OPNLguy From , joined Dec 1969, posts, RR: Reply 19, posted (10 years 8 months 2 weeks 13 hours ago) and read 4271 times:
>>>Are they talking about Runway deicer???
No, aircraft de-icing fluid...
>>>Why would you cancel operations before you ran out of fluid???
Based upon personal experience, if the airport has X-supply and needs 2X or 3X quantity, but we know additional deliveries are not forthcoming (due to icy roads, precluding its delivery to the airport), we'll start cancelling flights so as to avoid risking a "roach motel" situation as mentioned earlier.
C'mon springtime.... (At least the thunderstorms -move- and don't leave impaired field conditions behind....)
Red Panda From Hong Kong, joined Jun 2000, 1521 posts, RR: 0 Reply 20, posted (10 years 8 months 2 weeks 13 hours ago) and read 4264 times:
L-188, they are talking about the de-icing fluid used to spray on the wings, horizontal stabilizers and rudder prior to departure. The following is a news article from Toronto Star.
JOSH RUBIN AND ALLAN WOODS
A second biting ice storm blasted through southern Ontario earlier today, causing Air Canada to cancel all North American flights in and out of Pearson Airport. Winter-weary residents were told that the storm will reintensify this evening.
"The weather situation is further compounded by the temporary suspension of all de-icing activity due to the depletion of the airport's glycol supply affecting all carrier operations," the airline said in a news release.
Though the airline said it was hoping to maintain the schedule of international flights, it advised passengers not to go to the airport, but to contact the airline and rebook their flights.
A freezing rain warning remains in effect and most area highways and roads have restricted lanes. This afternoon, a weather warning predicted that the storm would resume tonight, punishing the city with more freezing rain and ice pellets, and end around mid-day Saturday.
All TTC surface routes are slower than usual.
GO Transit has numerous train delays, which can be seen at their Web site. After a few hours of relatively clear weather, the storm was expected to return this evening and continue through Saturday morning with snow, ice pellets and freezing rain.
Temperatures were expected to hover near -2 C on Friday and -3 C on Saturday as the weather system moves east.
Express service on Steeles Ave. E, Finch Ave. E, and Sheppard Ave. E has been canceled and Wheeltrans is also experiencing delays. "But the subway is perfect," TTC official Mike DeToma told The Star's Natalie Alcoba.
Ontario Provincial Police report no fatal accidents overnight, but there were fender benders and cars into the guardrail.
Constable Steve Smith of Toronto Police traffic services said many of the city's streets have yet to be cleared.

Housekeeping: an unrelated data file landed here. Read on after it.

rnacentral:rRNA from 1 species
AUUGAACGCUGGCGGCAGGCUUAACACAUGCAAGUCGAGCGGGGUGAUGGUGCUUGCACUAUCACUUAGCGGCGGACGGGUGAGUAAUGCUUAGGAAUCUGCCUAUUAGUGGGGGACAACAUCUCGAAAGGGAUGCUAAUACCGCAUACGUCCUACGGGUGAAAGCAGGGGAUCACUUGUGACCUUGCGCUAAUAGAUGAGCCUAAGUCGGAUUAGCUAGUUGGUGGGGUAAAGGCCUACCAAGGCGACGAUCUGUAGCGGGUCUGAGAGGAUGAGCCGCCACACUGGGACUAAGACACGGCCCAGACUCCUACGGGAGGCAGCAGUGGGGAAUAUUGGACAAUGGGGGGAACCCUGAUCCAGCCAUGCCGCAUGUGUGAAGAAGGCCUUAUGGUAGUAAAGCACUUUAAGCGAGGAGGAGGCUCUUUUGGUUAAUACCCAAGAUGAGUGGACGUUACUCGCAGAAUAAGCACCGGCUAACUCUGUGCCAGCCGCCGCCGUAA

"Stay off the roads if you can," said a communications officer with York Region police.
Without de-icing, it's unsafe for aircraft to take off in freezing rain. Arrivals were affected because airlines didn't want their planes stranded in Toronto.
Between eight and 10 flights an hour were going through the airport this afternoon, said Peter Gregg, a spokesman for the Greater Toronto Airports Authority.
About 60 arrivals and departures is normal, he said.
The Greater Toronto Airport Authority's Web site said about 100 flights had been cancelled because of the storm.
"We don't expect to get back to normal until sometime tomorrow morning," Gregg said.
The Airports Authority said early this afternoon it had used its entire 700,000-litre supply of de-icing fluid - normally enough for 30 days of winter operations.
But Gregg said later in the day that more was on the way.
"Four trucks just arrived in the last half-hour," he said. "More trucks are on the way. We've got it coming in from New Jersey, Chicago, Montreal. The road conditions here have not played well with us."
The Airports Authority advised passengers this afternoon to expect restricted operations for the next 24 hours and advised them to check directly with their airline for flight information before going to the airport.
City officials scrambled yesterday to recall road-salting trucks and sidewalk plows to deal with a winter storm that snarled commuter traffic, and is expected to continue today with ice pellets and freezing rain.
Freezing rain made for slippery and dangerous driving during yesterday's morning and evening rush hours.
Last night, a 42-year-old Mississauga man died shortly after 6 p.m. when his car collided with a salt truck at the intersection of Winston Churchill Blvd. and Tradewind Dr., north of Derry Rd.
The car slid out of control, hit the centre median and careened into the oncoming lane, where it was hit by the salt truck.